Sunlight Shining Through Cloud

The Adventure After That

Posted on: March 31, 2011

The beginning of my career could not have been more exciting.  I was off in a far place, doing what I’d prepared for since early childhood; I was doing a radio show, doing on-camera television news, directing TV news and programming a TV station.  Throw in the weekly snow machine ride on the frozen Yukon River and the occasional über-privileged visit to top-secret operations of this kind or that, and I had the stuff of gripping stories for the telling.

My adventure at Galena Air Force Base, Alaska, would be hard to beat, and I guess I arrived at Hill AFB, Utah, just a little full of myself.

Where Galena had the most basic Gates “Yard Board” for its radio console, and a black-and-white transmitter, two B&W cameras and two 16mm projectors for TV equipment, Detachment 8 at Hill was quite the fancy deal, indeed.  This television production facility had a darkened master control room with four comfortably-stuffed key position chairs and the very latest programmable switcher with myriad special effects, 3/4″, 1/2″ and 1″ tape record & playback units, three turret-lens color studio cameras on hydraulic pedestals, a cyc-strip, chroma-key screen, music library and innumerable other goodies.  I didn’t know how any of this stuff worked, but I knew I was in hog-heaven and couldn’t wait to touch it all.

Det.8 also had brass: Lieutenants, Captains and Majors all of whom were seasoned television production professionals.  To that were added a half-dozen civilians with resumes as long as their arms.  And to do the dirty work, there were a couple dozen Non-Commissioned Officers like me who got to yank cables around, set up dusty lights, build sets and do sundry other chores.

That kind of work didn’t much appeal to me…I’d done it all before.  I wanted to get into the sexy stuff: the script-writing, the camera work, the control room work, the remote work.

Senior Master Sergeant Mark Morris was in charge of the NCO’s.  He was every bit the stereotype of the brick-built, starched-shirt, not-a-hair-out-of-place, veins bleeding Air Force blue, authoritative, commanding figure.  SMSgt. Morris yanked me into his office at about the 30-day point in my tenure at Det.8.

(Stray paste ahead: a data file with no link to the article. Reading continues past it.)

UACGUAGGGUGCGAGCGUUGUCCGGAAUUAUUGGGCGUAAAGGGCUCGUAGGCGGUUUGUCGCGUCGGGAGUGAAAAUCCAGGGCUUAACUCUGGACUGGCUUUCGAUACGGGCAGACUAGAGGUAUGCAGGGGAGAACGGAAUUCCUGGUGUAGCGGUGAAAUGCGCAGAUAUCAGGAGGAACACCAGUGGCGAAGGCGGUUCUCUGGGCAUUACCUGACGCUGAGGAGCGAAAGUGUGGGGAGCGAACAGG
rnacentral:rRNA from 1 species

Senior Master Sergeant Mark Morris:  “Marx, you’ve got an attitude problem…”

Airman First Class Fred Marx:  “I do not.”

SMSgt. Morris:  “…and I mean to break you of it.”

A1C Marx:  “You don’t have to do that.  Just watch; a month from now, you’ll be singing a new song.”

SMSgt. Morris:  (now red-faced)  “Okay.  But if I don’t see a marked improvement in that time, I’m gonna bust you down to slick-sleeve, and you’ll be diggin’ ditches somewhere along the flight line.”

A1C Marx:  (now huffy)  “Fine.  Watch me.”

SMSgt. Morris:  (beet-red)  “Dismissed!”

Galena Air Force Base was a tiny little outpost in the middle of nowhere.  I guess the rules were a bit relaxed there, and that’s how I’d come to believe the military was.  Hill Air Force Base, on the other hand, was a major Air Force metropolis just spittin’ distance from Salt Lake City.

Galena supported two F-4 Fighters.  Hill supported the gleaming new F-15C Eagle Fighters – lots of them – and provided support for many other major functions; among them, the production of the classic “Air Force – A Great Way Of Life” television commercials of the 1970’s and ’80’s.

These distinctions were lost on me.  What I had just done in Morris’ office was nothing short of hubris, insubordination, and idiocy of the highest order.  I was nothing short of protected by God Himself from having my legs cut off at the knees and left to die a most agonizing death.